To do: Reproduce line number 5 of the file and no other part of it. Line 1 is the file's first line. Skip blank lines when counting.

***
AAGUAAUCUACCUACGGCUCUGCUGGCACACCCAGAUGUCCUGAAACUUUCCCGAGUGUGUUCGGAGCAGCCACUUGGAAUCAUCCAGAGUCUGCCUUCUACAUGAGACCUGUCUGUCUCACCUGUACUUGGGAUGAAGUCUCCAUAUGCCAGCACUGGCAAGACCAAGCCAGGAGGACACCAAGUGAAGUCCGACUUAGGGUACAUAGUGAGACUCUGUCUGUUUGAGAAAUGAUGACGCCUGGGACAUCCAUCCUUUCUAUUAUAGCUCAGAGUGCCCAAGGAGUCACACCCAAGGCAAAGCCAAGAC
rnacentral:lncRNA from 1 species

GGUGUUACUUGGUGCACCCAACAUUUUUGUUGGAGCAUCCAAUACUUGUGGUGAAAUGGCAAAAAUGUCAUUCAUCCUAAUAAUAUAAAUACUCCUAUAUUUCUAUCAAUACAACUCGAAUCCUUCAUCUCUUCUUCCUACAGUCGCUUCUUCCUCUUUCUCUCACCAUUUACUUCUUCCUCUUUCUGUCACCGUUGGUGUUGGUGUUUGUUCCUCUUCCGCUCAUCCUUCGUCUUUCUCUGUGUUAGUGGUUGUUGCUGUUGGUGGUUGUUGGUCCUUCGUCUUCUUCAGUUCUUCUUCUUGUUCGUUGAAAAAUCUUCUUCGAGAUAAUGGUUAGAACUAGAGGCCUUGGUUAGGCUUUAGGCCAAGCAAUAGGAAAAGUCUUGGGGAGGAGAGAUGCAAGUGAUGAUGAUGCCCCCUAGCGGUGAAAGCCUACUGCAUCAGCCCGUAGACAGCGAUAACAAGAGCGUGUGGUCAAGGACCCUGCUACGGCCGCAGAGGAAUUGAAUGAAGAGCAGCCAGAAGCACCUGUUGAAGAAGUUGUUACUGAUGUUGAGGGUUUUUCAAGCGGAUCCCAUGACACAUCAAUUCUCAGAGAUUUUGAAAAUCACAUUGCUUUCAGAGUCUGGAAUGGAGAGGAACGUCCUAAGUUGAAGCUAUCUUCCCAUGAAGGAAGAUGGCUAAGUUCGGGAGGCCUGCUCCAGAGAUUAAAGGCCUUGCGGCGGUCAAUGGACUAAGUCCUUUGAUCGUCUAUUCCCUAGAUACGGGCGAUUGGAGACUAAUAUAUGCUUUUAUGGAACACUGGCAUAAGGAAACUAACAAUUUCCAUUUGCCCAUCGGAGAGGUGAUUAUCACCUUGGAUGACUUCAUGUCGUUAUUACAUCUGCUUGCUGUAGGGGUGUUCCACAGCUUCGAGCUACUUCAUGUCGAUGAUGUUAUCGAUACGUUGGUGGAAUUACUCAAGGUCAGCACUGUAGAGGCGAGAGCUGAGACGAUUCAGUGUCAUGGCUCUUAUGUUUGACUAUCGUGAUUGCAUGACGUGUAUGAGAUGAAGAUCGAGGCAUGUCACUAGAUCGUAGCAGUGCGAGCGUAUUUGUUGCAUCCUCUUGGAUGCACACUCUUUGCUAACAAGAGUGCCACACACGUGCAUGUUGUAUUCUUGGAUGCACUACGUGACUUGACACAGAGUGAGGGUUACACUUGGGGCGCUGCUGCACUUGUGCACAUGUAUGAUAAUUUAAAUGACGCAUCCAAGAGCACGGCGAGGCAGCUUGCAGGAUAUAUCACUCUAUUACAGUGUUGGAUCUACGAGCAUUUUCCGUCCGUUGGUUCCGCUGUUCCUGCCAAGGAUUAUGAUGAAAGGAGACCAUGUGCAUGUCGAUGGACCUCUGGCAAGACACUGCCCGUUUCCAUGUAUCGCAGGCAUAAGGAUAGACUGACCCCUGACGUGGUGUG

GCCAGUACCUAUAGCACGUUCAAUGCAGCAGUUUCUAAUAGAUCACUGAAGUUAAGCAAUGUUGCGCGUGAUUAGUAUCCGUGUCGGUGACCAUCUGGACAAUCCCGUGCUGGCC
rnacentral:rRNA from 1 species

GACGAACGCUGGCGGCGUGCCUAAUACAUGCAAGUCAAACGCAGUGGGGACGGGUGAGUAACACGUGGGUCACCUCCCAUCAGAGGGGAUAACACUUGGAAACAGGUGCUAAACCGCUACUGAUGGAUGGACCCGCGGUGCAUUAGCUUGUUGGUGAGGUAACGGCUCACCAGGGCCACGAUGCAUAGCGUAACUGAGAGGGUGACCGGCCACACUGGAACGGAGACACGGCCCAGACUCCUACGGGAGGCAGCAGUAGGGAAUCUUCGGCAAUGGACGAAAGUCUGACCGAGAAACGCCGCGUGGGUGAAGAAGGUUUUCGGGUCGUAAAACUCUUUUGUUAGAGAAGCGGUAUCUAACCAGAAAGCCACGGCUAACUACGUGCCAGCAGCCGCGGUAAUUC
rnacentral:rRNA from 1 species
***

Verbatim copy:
rnacentral:rRNA from 1 species